Underarm bowling incident of 1981
The underarm bowling incident of 1981 took place on 1 February 1981, when Australia played New Zealand in a One Day International cricket match, the third of five such matches in the final of the Benson & Hedges World Series Cup, at the Melbourne Cricket Ground. With one ball of the final over remaining, New Zealand required a six to tie the match. To ensure that New Zealand did not get the runs they needed, the Australian captain, Greg Chappell, instructed his bowler (and younger brother), Trevor Chappell, to deliver the last ball to Brian McKechnie underarm, along the ground. This action was legal at the time, but nevertheless seen as being against the spirit of cricketing fair play.
Events leading up to the delivery
The series was tied 1–1, New Zealand having won the first match, and Australia the second. At the end of the third match, the batsman at the non-striker's end, New Zealand's Bruce Edgar, was on 102 not out; his innings has been called "the most overlooked century of all time".
The match had three other moments of controversy before the underarm incident.
Firstly, with Australia batting, New Zealand's Martin Snedden claimed a low outfield catch off a hit by Greg Chappell when Chappell was on 58. In his live television commentary, on Australia's Channel Nine, former Australian cricket captain Richie Benaud exclaimed "that is one of the best catches I have ever seen in my life". However, Snedden's catch was ruled not out by the umpires. This was some years before TV replays could be used in umpiring decisions; the Channel Nine broadcast did show viewers a number of slow-motion replays of Snedden's catch from a number of different camera angles, including a close-up of Snedden diving to fairly claim the catch. After reviewing several TV replays, Benaud re-affirmed what he had initially seen live, stating in his commentary: "there is no question in my mind that that was a great catch – clearly caught above the ground, a superb catch."
Australian TV viewers watching the replays had divided opinions: some thought it was a clean catch, while others say it passed through the fielder's fingers to touch the grass before coming to rest in his hands. Some commentators believed that Chappell should have taken Snedden's word that the catch was good, as had been a time-honoured tradition. Chappell maintained he was not sure about the catch and was within his rights to wait for the umpires to rule. Chappell went on to score 90, before he was caught by Bruce Edgar in similar fashion. This time, Chappell walked after he clearly saw the fielder had cupped his hands under the ball.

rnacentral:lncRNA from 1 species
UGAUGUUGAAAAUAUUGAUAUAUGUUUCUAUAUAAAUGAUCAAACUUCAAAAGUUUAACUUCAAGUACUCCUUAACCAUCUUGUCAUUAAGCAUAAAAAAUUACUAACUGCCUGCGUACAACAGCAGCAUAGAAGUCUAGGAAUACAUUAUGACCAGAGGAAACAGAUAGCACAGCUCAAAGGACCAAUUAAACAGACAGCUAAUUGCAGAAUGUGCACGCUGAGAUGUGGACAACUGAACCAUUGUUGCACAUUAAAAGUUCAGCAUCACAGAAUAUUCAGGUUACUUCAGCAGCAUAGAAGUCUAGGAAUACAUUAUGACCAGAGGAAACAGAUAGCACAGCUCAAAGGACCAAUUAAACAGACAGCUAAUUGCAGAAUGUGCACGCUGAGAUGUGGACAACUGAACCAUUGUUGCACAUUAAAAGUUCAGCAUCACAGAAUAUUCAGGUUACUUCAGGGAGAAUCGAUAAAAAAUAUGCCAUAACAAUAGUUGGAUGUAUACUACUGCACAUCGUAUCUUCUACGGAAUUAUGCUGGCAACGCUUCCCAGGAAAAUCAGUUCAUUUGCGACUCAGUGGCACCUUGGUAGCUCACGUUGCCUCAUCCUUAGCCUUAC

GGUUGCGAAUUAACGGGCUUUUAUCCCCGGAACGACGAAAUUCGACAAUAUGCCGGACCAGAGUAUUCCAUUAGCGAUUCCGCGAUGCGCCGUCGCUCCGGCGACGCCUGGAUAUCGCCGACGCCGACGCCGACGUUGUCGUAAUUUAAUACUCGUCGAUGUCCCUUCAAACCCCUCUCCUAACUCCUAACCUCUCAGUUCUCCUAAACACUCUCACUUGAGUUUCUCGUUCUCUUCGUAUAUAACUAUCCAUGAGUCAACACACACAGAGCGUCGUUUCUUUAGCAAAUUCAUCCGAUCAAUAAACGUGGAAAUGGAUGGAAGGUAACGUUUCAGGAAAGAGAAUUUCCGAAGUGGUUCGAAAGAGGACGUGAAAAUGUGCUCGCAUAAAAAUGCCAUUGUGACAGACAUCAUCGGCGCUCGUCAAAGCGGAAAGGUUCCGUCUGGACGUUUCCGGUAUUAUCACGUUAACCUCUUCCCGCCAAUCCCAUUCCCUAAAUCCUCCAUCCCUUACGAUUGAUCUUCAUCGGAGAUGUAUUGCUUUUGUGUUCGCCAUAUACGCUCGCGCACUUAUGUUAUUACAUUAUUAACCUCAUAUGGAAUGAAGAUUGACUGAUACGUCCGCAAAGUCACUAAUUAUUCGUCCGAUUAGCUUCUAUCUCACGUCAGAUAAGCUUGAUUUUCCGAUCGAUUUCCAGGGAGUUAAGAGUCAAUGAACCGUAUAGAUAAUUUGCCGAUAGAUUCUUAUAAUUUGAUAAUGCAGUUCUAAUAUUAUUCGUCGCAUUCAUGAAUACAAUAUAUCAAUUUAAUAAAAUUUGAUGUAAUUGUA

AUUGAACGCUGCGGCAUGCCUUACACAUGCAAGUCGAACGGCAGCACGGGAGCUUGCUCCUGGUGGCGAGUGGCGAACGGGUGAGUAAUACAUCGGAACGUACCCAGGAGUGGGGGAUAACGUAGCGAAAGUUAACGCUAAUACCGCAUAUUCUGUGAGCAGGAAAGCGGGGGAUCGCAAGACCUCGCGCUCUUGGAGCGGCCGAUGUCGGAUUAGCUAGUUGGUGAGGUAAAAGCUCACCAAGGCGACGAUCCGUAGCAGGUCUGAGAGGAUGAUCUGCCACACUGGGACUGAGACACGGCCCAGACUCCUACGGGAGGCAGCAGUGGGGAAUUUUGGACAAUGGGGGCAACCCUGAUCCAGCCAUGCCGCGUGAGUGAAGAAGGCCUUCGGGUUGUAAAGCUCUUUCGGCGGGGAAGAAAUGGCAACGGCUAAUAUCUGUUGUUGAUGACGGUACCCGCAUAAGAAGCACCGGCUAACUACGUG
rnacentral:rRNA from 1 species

When New Zealand batted, they reached the final over (final six balls to be bowled) still needing to score 14 runs to tie and 15 to win the match. The final Australian bowler was Trevor Chappell, who surrendered only eight runs in the first five balls, whilst claiming two wickets. The second controversy of the match saw one out granted to Chappell as leg before wicket (lbw) by the umpire, dismissing New Zealand batsman Richard Hadlee. When this was called, Channel Nine commentator Benaud again took issue with the ruling of the Australian umpire, believing the ball to have pitched outside of leg stump and stating: "I think that Richard Hadlee would justifiably feel a bit annoyed at that decision, particularly with all the troubles he's had with getting an lbw" ruling when he bowled to batsmen blocking the wickets.
A third controversy was that, in the confusion before the final ball was bowled, one of the Australian fielders, Dennis Lillee, did not walk into place, meaning that the ball should have been a no-ball, because Australia had one too many fielders outside the field restriction line. The penalty would have resulted in one run being added to New Zealand's score and an additional ball to be bowled.
This was the era where umpires for international matches were provided by the host nation. The two umpires for this match were Donald Weser and Peter Cronin of Australia. Neither man would ever officiate another international cricket match.
Delivery and post-match reaction
New Zealand needed six runs to tie the match from the final ball, with eight wickets down. Greg Chappell, the Australian captain, instructed the bowler (his brother Trevor) to bowl underarm in a bid to prevent the Number 10 New Zealand batsman (Brian McKechnie) from getting under the delivery with sufficient power and elevation to hit a six. Bowling underarm was within the laws of cricket at the time (though against the rules of the Benson and Hedges County Cup Tournament in England), but perceived as unsportsmanlike.